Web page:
Permaculture Natural Gardening
The principles of permaculture natural gardening follows Mother Nature’s lead. It just makes sense for the best longterm sustainable growing plan for the healthiest food and yard and garden ecosystem. What’s good for us and our garden’s ecosystem is also good for the planet.
“Permaculture is a philosophy of working with, rather than against nature; of protracted & thoughtful observation rather than protracted & thoughtless labour; of looking at plants & animals in all their functions, rather than treating any area as a single-product system.”
We were inspired to establish more natural gardening areas, without soil preparation, after viewing this Back to Eden documentary. Reminiscent of Ruth Stout and also concepts in hugelkultur, Paul Gautschi, takes us on a tour of his garden using principles from nature.
These are lessons they don’t teach in school… and possibly not even in master gardener classes. The results? A bountiful garden of live fresh food each season, growing things he’s been told won’t grow where he is and in ways that go totally against what most of us have been told.
Permaculture and Natural Gardening with Back to Eden
Meanwhile, for similar footage, also for free, tune into this version on YouTube, a Back to Eden tour of Paul Gatschi’s property in Washington state.
Paul has a spiritual and religious approach to gardening, and likes to quote scripture. His enthusiasm for using common sense and natural gardening is inspiring and invocative of what’s possible, even in less than ideal soil and water circumstances.
You’re sure to be inspired toward a more natural gardening approach after watching this! I mean what’s not to love? You get more and better results with less work by following Mother Nature’s blueprint. We list the links to our hugelkultur again at the end of this article in case you’d like to explore more.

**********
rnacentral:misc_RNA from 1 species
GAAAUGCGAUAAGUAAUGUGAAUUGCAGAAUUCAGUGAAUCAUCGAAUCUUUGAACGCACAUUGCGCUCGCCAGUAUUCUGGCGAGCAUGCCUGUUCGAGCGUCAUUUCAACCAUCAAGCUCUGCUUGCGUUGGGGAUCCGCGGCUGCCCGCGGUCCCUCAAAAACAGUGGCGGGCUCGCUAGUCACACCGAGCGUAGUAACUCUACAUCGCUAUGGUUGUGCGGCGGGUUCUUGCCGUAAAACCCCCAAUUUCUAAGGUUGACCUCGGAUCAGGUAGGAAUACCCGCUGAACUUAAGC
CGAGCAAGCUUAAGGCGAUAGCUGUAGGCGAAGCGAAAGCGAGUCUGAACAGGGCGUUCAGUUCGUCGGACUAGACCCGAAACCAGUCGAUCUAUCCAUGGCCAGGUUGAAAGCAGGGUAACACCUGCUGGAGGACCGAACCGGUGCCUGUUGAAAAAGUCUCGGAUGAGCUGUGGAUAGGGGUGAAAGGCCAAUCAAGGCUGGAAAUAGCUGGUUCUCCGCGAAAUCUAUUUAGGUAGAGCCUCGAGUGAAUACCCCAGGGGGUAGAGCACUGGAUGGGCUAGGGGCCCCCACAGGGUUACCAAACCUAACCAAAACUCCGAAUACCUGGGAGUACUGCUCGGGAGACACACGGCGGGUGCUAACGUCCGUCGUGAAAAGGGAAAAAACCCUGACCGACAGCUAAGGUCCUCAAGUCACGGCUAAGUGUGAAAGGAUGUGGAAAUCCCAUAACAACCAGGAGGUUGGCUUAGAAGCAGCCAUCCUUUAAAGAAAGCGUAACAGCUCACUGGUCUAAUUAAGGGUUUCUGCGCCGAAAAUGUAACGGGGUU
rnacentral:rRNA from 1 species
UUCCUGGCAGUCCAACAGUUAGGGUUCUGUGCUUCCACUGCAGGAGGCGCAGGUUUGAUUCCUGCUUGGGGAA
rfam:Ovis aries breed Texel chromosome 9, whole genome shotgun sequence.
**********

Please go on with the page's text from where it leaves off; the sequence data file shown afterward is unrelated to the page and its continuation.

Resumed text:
Meanwhile, next, a Florida Garden with exotic fruits and a “Back to Eden” natural wood chip mulch garden to mitigate the sandy soil situation there.
A Florida Yard Garden with Exotic Bitter Melon, Moringa Tree and More
John Kohler, the cool gardener of GrowingYourGreens, dives into this Florida yardscape of edible plants. He also touches on the Back to Eden gardening method that models the natural gardening approach of layers of deep mulch layering for retaining moisture and keeping ground temperatures from getting too hot or too cold.
Hope you enjoy!
Pros and Cons
So far, our hugelkultur plants are thriving. So yes, it takes some work up front, but the low maintenance, high yield makes up for it for years to come. Hugelkultur works best if you live in or near woods.
WHICH NATURAL GARDENING METHOD IS BEST?
Hugelkultur is the way to go if you’re near woods.
If you have a field, try the Eden Garden or Ruth Stout method.
If you’re in or near woods hugelkultur is great because you have ready access to naturally fallen logs and trees to cut into long hugelkultur logs.
In that case, the Eden Garden method or that of Ruth Stout’s no-till, no work natural gardening method might suit you best.
The main drawback some folks have about these natural garden methods is that they’re not as beautiful as say raised bed gardens, or even neat, well-weeded garden rows. Nature, if left to itself, tends to appear unkempt, but there’s an entire cooperative ecosystem at work under the disheveled entropy.
Natural Gardening – Pros
- Low maintenance
- Less water
- Less / no weeding
- No tilling
- Follows the principles of nature
- Less work over time
Natural Gardening – Cons
- Less attractive – looks wild and unkempt, not tamed neat rows
- Organic gardening is always harder when it comes to pest control
- Hugelkultur takes more to set up (logs, soil & mulch)
- Requires more space than raised beds or straw bales
Best Raised Bed Options for You
If you live in a neighborhood, you should probably go for raised bed gardens or aesthetically planned edible landscaping. Subdivision require a more attractive landscape, especially if it’s a front yard garden, or if you have a strict Homeowners Association (HOA).
Raised beds definitely have their advantages, especially in accessibility and aesthetics. Of course you can make hugelkultur beds to be fairly tall for better accessibility as well. But if accessibility and being able to squat or bend down is an issue, you’d need to have someone else build your beds for you anyway.
So if you’re liking this topic, you will definitely also enjoy reading and watching about Ruth Stout, mother of deep mulch gardening, as well as reading more about Hugelkultur. Our Hugelkultur beds are in the third year and are thriving without us having added anything but seeds and plants.
The hugelkultur garden is great for annuals. Ours contains asparagus, dandelion, lavender and sorrel annuals as well as some perennials like lettuces and bok choy.
Let’s keep on growing!
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